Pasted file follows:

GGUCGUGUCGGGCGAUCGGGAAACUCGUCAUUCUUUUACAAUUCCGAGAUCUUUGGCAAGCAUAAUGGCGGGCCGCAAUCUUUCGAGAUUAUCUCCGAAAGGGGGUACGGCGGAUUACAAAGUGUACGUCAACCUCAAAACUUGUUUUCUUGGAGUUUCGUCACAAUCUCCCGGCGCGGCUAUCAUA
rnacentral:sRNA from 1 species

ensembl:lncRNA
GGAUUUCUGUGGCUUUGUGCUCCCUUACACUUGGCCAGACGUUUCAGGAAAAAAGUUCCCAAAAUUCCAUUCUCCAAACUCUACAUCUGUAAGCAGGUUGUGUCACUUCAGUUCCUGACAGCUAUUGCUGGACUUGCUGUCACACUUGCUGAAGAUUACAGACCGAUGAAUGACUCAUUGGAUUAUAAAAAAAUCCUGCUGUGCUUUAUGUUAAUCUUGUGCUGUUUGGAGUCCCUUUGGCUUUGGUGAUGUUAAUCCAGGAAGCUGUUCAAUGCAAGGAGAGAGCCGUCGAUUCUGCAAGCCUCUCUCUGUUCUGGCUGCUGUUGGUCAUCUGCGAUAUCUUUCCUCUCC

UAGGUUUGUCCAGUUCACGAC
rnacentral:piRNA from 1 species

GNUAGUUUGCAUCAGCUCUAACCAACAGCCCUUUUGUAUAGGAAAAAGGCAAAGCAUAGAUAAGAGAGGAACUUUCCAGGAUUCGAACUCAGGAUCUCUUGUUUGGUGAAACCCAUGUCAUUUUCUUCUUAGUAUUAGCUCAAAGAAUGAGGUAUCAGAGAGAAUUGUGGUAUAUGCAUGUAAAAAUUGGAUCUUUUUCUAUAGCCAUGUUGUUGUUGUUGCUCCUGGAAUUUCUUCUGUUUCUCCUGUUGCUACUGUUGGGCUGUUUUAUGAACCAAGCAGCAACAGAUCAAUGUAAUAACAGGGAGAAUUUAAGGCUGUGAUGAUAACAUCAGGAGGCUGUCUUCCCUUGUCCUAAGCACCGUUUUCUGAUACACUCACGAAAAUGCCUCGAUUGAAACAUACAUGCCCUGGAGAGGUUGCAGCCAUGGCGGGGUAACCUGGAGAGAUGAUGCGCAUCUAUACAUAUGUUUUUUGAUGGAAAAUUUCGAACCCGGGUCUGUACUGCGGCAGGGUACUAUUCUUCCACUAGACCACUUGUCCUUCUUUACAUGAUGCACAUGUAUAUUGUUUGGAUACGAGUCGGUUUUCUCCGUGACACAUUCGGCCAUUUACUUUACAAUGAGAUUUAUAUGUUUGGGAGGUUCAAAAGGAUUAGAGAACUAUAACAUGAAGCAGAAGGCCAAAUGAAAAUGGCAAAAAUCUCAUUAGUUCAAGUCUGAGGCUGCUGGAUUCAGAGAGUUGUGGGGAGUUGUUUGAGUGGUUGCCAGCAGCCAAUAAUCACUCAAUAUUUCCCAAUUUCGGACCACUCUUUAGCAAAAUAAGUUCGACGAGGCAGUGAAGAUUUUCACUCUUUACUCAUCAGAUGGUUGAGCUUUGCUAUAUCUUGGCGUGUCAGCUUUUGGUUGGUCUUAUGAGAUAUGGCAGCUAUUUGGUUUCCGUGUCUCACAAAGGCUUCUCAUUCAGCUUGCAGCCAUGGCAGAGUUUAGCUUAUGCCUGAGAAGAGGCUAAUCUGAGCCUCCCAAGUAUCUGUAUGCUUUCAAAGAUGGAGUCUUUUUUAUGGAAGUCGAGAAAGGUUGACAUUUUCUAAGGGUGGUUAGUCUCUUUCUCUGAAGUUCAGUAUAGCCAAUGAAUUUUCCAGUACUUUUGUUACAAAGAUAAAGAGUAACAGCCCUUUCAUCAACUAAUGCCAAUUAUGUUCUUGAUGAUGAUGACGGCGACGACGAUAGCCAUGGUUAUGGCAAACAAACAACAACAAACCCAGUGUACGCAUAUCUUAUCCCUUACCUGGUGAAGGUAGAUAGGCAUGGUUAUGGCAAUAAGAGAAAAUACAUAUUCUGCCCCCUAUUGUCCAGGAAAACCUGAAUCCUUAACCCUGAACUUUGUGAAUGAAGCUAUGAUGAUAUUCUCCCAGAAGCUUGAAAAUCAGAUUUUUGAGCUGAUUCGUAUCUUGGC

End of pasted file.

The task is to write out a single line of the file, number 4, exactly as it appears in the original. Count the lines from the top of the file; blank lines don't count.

GGAUUUCUGUGGCUUUGUGCUCCCUUACACUUGGCCAGACGUUUCAGGAAAAAAGUUCCCAAAAUUCCAUUCUCCAAACUCUACAUCUGUAAGCAGGUUGUGUCACUUCAGUUCCUGACAGCUAUUGCUGGACUUGCUGUCACACUUGCUGAAGAUUACAGACCGAUGAAUGACUCAUUGGAUUAUAAAAAAAUCCUGCUGUGCUUUAUGUUAAUCUUGUGCUGUUUGGAGUCCCUUUGGCUUUGGUGAUGUUAAUCCAGGAAGCUGUUCAAUGCAAGGAGAGAGCCGUCGAUUCUGCAAGCCUCUCUCUGUUCUGGCUGCUGUUGGUCAUCUGCGAUAUCUUUCCUCUCC